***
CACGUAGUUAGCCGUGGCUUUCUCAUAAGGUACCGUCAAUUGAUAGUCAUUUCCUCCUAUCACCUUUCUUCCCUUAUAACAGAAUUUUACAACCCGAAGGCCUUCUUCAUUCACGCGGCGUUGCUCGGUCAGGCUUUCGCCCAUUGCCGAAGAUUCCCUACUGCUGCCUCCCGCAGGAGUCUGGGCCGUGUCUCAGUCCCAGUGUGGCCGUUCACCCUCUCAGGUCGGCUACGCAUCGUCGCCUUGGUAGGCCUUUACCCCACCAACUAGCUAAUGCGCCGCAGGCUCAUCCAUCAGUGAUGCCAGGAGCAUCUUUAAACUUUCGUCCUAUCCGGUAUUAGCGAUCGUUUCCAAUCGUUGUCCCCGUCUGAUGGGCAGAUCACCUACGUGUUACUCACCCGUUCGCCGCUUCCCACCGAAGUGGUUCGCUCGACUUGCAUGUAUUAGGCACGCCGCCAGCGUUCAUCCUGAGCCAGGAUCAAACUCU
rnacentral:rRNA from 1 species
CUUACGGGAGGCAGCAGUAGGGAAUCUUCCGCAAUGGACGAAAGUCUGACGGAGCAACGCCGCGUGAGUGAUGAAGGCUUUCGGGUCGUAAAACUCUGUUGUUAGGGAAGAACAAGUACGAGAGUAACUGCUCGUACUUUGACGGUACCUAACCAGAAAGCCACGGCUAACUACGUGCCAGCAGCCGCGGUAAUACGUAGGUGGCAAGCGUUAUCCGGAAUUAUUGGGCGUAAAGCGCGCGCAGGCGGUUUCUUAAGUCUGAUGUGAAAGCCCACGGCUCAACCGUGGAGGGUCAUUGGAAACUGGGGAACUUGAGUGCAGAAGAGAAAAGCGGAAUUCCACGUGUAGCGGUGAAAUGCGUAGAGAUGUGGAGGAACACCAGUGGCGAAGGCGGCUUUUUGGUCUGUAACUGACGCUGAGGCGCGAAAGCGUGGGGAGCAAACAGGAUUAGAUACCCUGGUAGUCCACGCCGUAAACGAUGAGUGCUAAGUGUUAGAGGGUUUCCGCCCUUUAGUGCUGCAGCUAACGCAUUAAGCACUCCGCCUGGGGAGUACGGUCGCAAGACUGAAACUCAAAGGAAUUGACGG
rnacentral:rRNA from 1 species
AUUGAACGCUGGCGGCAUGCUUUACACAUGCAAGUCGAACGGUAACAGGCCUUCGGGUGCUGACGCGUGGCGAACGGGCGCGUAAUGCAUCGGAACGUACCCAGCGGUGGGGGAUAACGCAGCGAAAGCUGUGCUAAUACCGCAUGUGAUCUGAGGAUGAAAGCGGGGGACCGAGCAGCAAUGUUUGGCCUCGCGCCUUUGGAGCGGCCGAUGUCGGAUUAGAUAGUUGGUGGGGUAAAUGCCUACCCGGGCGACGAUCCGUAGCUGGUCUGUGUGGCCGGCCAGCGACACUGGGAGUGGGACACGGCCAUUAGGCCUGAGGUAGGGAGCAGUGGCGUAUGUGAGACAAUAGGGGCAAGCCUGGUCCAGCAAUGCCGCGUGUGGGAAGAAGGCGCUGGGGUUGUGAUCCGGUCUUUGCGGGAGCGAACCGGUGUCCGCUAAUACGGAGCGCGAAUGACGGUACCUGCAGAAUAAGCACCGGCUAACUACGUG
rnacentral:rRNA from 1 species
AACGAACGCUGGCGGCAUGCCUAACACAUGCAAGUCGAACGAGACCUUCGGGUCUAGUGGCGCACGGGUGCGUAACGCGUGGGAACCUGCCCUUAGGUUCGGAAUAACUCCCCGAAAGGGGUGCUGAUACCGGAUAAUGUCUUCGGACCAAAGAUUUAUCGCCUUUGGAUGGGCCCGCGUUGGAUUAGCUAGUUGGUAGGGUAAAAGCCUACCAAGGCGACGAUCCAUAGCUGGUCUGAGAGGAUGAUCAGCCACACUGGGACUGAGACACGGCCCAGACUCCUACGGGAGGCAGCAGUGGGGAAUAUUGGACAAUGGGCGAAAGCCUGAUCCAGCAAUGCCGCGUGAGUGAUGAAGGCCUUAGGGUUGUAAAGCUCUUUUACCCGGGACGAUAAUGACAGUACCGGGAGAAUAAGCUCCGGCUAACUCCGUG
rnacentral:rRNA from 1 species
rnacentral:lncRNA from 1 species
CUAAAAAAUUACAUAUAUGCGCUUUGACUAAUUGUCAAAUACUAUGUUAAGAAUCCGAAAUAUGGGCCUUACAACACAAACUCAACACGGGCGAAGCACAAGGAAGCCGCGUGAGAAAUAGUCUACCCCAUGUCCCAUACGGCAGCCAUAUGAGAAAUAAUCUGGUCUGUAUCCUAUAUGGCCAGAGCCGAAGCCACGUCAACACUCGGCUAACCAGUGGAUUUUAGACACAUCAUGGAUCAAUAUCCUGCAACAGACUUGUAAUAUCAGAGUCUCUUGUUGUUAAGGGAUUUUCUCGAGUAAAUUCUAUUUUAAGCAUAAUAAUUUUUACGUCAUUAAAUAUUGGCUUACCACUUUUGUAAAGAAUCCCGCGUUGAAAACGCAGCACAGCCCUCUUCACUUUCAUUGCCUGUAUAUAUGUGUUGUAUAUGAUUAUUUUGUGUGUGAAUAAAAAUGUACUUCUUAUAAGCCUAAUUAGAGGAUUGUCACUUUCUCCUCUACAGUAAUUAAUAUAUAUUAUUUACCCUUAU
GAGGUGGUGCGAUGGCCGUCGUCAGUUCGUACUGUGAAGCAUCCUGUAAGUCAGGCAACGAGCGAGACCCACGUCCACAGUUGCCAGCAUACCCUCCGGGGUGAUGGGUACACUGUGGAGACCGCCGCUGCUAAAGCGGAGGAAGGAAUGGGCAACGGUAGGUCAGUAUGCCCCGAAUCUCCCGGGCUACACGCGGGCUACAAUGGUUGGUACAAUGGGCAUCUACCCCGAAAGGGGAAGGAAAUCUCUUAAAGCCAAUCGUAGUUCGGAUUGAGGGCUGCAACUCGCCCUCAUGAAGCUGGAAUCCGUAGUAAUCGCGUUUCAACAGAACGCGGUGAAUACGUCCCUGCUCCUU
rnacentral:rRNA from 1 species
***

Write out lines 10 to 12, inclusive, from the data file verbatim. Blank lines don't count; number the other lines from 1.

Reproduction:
CUAAAAAAUUACAUAUAUGCGCUUUGACUAAUUGUCAAAUACUAUGUUAAGAAUCCGAAAUAUGGGCCUUACAACACAAACUCAACACGGGCGAAGCACAAGGAAGCCGCGUGAGAAAUAGUCUACCCCAUGUCCCAUACGGCAGCCAUAUGAGAAAUAAUCUGGUCUGUAUCCUAUAUGGCCAGAGCCGAAGCCACGUCAACACUCGGCUAACCAGUGGAUUUUAGACACAUCAUGGAUCAAUAUCCUGCAACAGACUUGUAAUAUCAGAGUCUCUUGUUGUUAAGGGAUUUUCUCGAGUAAAUUCUAUUUUAAGCAUAAUAAUUUUUACGUCAUUAAAUAUUGGCUUACCACUUUUGUAAAGAAUCCCGCGUUGAAAACGCAGCACAGCCCUCUUCACUUUCAUUGCCUGUAUAUAUGUGUUGUAUAUGAUUAUUUUGUGUGUGAAUAAAAAUGUACUUCUUAUAAGCCUAAUUAGAGGAUUGUCACUUUCUCCUCUACAGUAAUUAAUAUAUAUUAUUUACCCUUAU
GAGGUGGUGCGAUGGCCGUCGUCAGUUCGUACUGUGAAGCAUCCUGUAAGUCAGGCAACGAGCGAGACCCACGUCCACAGUUGCCAGCAUACCCUCCGGGGUGAUGGGUACACUGUGGAGACCGCCGCUGCUAAAGCGGAGGAAGGAAUGGGCAACGGUAGGUCAGUAUGCCCCGAAUCUCCCGGGCUACACGCGGGCUACAAUGGUUGGUACAAUGGGCAUCUACCCCGAAAGGGGAAGGAAAUCUCUUAAAGCCAAUCGUAGUUCGGAUUGAGGGCUGCAACUCGCCCUCAUGAAGCUGGAAUCCGUAGUAAUCGCGUUUCAACAGAACGCGGUGAAUACGUCCCUGCUCCUU
rnacentral:rRNA from 1 species